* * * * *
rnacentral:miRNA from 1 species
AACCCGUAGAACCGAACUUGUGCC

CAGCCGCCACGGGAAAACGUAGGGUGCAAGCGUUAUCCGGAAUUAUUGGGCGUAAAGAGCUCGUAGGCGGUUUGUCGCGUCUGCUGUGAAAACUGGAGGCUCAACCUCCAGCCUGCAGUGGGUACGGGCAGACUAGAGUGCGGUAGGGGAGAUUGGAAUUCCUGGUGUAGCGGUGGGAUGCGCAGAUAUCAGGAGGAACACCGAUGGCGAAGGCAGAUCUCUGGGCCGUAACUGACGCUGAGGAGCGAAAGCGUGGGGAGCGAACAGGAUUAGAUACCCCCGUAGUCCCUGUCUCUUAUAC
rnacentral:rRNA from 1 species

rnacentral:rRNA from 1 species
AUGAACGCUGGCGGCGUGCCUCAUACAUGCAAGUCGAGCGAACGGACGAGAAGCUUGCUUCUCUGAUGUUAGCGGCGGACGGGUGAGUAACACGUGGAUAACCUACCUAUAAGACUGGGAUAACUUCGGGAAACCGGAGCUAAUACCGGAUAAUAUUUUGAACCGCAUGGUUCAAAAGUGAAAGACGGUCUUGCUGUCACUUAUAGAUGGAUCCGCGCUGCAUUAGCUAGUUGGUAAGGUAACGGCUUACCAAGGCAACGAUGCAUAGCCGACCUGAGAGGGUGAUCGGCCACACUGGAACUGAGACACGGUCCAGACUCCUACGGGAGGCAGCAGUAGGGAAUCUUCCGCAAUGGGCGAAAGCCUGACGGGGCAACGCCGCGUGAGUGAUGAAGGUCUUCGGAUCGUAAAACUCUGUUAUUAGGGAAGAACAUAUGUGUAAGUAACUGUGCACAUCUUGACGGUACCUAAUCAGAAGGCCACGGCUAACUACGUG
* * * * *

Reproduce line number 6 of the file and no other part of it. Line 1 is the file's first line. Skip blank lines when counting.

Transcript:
AUGAACGCUGGCGGCGUGCCUCAUACAUGCAAGUCGAGCGAACGGACGAGAAGCUUGCUUCUCUGAUGUUAGCGGCGGACGGGUGAGUAACACGUGGAUAACCUACCUAUAAGACUGGGAUAACUUCGGGAAACCGGAGCUAAUACCGGAUAAUAUUUUGAACCGCAUGGUUCAAAAGUGAAAGACGGUCUUGCUGUCACUUAUAGAUGGAUCCGCGCUGCAUUAGCUAGUUGGUAAGGUAACGGCUUACCAAGGCAACGAUGCAUAGCCGACCUGAGAGGGUGAUCGGCCACACUGGAACUGAGACACGGUCCAGACUCCUACGGGAGGCAGCAGUAGGGAAUCUUCCGCAAUGGGCGAAAGCCUGACGGGGCAACGCCGCGUGAGUGAUGAAGGUCUUCGGAUCGUAAAACUCUGUUAUUAGGGAAGAACAUAUGUGUAAGUAACUGUGCACAUCUUGACGGUACCUAAUCAGAAGGCCACGGCUAACUACGUG